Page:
'The Divergent Series: Insurgent'
On a certain level, it makes sense that the explosion of Young Adult movie adaptations would follow a similar redundant track that YA novels always have. Anytime a YA novel hits, the Scholastic book order forms for a generation of school children are filled with knockoffs of that hit until the next unexpected phenomenon. So, now that the ‘Twilight’ series and ‘Twilight’ knockoffs have passed, it’s time for us all to sit through the endless somber streak of ‘Hunger Games’ knockoffs until this trend runs its course.
The ‘Divergent’ series is thus far the biggest and most expensive version of ‘Hunger Games Lite’, and the second movie in the four-part trilogy (in keeping with that unfortunate greedy franchise wrap-up trend) plays like a Xerox of the last ‘Hunger Games’ sequel. It certainly looks the same and feels the same, but as with any photocopy, the quality can never quite match the original.
Things kick off right where the first movie left off, with Tris (Shailene Woodley’s version of Katniss) and her muscly boyfriend Four (Theo James) getting blamed by the world’s evil leader Kate Winslet for the battle that Winslet actually caused herself. (Note: she’s a jerk.) There’s no point in getting too in depth about this dystopic future where everyone is assigned a social group designed around an adjective. The premise is pretty obviously a simple class warfare allegory with a message about individuality triumphing over the system, man. The ideas are fine, particularly for the target ‘tween audience, but they’ve been garbled up endlessly before now in many other stories involving dark futures filled with people wearing monochromatic onesies. (Shudder.) Besides, ‘Insurgent’ doesn’t have much in the way of subtext. All that stuff was dealt with last time so that this sequel can be all about rebellion.
Tris is on the run this time and ends up finding safety with her bodacious boyfriend’s revolutionary mommy (Naomi Watts), who we know we can’t trust based on her thick slathering of black eyeliner alone. Tris has to decide if she really wants to bring down the system through bang-bang violence. Meanwhile, President Jeanine (Winslet) has some sort of secret box that she needs a Divergent to solve, so she’s hunting them all down and watching them die as they struggle to open the box. Guess which Divergent she needs to make it happen? If you were going to guess the protagonist and only true Divergent we’ve been introduced to in the series so far, good for you for paying attention. I’m sure it was hard given how dull and generic these movies are.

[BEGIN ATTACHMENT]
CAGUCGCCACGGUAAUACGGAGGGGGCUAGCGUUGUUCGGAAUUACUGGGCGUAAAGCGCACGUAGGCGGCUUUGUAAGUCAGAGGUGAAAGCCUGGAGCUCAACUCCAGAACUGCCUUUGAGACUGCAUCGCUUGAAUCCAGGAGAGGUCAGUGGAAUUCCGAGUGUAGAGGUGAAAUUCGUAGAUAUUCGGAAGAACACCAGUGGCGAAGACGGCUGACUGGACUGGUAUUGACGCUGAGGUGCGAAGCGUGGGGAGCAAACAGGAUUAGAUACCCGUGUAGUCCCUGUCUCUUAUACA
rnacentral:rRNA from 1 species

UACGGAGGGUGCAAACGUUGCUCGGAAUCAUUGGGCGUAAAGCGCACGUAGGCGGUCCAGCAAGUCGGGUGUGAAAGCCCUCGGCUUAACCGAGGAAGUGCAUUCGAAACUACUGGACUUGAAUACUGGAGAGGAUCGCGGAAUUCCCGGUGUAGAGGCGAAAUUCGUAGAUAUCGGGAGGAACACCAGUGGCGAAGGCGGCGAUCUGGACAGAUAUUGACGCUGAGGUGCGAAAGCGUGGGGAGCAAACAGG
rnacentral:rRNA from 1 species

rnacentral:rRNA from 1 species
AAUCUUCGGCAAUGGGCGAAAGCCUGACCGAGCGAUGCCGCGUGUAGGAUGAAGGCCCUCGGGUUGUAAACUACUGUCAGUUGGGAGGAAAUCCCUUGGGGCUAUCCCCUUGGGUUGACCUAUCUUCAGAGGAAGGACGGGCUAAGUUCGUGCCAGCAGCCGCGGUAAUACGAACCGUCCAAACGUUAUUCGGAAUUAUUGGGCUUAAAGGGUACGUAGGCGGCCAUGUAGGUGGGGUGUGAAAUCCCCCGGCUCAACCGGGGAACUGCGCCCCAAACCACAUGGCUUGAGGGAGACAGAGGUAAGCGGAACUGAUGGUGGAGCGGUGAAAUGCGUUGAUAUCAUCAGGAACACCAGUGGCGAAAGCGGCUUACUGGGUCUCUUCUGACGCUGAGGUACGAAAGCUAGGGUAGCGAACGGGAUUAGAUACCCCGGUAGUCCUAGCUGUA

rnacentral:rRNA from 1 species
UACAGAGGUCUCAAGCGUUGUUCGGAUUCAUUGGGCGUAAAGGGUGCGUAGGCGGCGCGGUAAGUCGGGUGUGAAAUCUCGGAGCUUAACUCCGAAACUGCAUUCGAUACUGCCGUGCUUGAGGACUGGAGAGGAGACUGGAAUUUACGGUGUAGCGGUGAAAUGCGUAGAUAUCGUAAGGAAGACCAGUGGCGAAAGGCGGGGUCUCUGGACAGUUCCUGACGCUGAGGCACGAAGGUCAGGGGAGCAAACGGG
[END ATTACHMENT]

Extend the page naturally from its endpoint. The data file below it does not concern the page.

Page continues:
The major difference between ‘Insurgent’ and the original ‘Divergent’ is scale. After that last flick made a bundle at the box office, the filmmakers were clearly given a massive budget for the sequel. Semi-indie director Neil Burger (‘The Illusionist’, ‘Limitless’) was kicked to the curb in favor of big dumb explosion specialist Robert Schwentke (‘RED’, ‘R.I.P.D.’). And whoo-boy did he ever blow things up! The movie is filled with crumbling buildings, shoot-outs and CGI fantasy scenes to remind audiences that they’re watching a big expensive movie that they should be super-duper excited about.
The trouble is that very little happens that’s worth getting excited about. The characters are so bland and obvious, and the story beats so conventional, that it’s hard to ever feel any suspense or excitement. It also doesn’t help that the revolutionary plot feels like a carbon copy of the ‘Hunger Games’ movie that we all just saw a few months ago. This isn’t a horrible or horribly-made movie; it just feels like a big expensive studio exercise of going through the motions of past successes.
The movie has one thing going for it, though: Shailene Woodley. With only a handful of movies to her name, it’s already clear that Woodley is a major talent who is only getting better with each role. She might not have much of a character to work with in ‘Insurgent’, but she makes it seem as though she has a character through talent and sheer force of will. The same could also be said of Winslet, Watts and Miles Teller (who has a reduced role this time, presumably because he’s all famous and successful now).
Unfortunately, talented actors can’t make a movie work on their own. When surrounded by deadweight model/actors, a completely generic sci-fi world, and a plot compiled from the clichés of better movies and books, there’s nothing Woodley, Winslet, Watts and Teller can do to make ‘Insurgent’ feel like anything more than a dull factory product. This series is dead weight clinging to the success of ‘The Hunger Games’. At least by the time the credits roll in ‘Insurgent’, we can all take comfort in knowing that this franchise is halfway over.